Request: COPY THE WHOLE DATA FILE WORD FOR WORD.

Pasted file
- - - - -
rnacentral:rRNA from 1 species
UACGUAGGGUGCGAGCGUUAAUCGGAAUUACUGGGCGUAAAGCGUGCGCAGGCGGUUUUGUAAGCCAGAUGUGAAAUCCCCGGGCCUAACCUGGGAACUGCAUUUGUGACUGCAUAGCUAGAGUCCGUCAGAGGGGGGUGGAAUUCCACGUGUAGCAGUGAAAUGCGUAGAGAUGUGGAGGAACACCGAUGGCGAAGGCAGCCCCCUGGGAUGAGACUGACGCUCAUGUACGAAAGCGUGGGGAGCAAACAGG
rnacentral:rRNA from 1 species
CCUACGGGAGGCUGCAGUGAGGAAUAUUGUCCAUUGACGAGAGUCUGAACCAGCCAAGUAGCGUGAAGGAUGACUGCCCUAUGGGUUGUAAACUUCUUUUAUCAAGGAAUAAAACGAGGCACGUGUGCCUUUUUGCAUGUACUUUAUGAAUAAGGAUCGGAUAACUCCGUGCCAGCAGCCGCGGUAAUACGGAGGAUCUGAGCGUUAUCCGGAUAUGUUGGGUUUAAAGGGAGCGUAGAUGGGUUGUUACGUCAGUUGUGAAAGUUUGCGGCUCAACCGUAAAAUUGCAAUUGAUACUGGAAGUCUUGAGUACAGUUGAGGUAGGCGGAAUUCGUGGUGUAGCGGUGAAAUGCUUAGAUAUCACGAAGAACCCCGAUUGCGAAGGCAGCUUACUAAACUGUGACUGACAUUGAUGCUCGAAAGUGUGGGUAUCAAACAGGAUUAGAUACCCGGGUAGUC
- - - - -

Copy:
rnacentral:rRNA from 1 species
UACGUAGGGUGCGAGCGUUAAUCGGAAUUACUGGGCGUAAAGCGUGCGCAGGCGGUUUUGUAAGCCAGAUGUGAAAUCCCCGGGCCUAACCUGGGAACUGCAUUUGUGACUGCAUAGCUAGAGUCCGUCAGAGGGGGGUGGAAUUCCACGUGUAGCAGUGAAAUGCGUAGAGAUGUGGAGGAACACCGAUGGCGAAGGCAGCCCCCUGGGAUGAGACUGACGCUCAUGUACGAAAGCGUGGGGAGCAAACAGG
rnacentral:rRNA from 1 species
CCUACGGGAGGCUGCAGUGAGGAAUAUUGUCCAUUGACGAGAGUCUGAACCAGCCAAGUAGCGUGAAGGAUGACUGCCCUAUGGGUUGUAAACUUCUUUUAUCAAGGAAUAAAACGAGGCACGUGUGCCUUUUUGCAUGUACUUUAUGAAUAAGGAUCGGAUAACUCCGUGCCAGCAGCCGCGGUAAUACGGAGGAUCUGAGCGUUAUCCGGAUAUGUUGGGUUUAAAGGGAGCGUAGAUGGGUUGUUACGUCAGUUGUGAAAGUUUGCGGCUCAACCGUAAAAUUGCAAUUGAUACUGGAAGUCUUGAGUACAGUUGAGGUAGGCGGAAUUCGUGGUGUAGCGGUGAAAUGCUUAGAUAUCACGAAGAACCCCGAUUGCGAAGGCAGCUUACUAAACUGUGACUGACAUUGAUGCUCGAAAGUGUGGGUAUCAAACAGGAUUAGAUACCCGGGUAGUC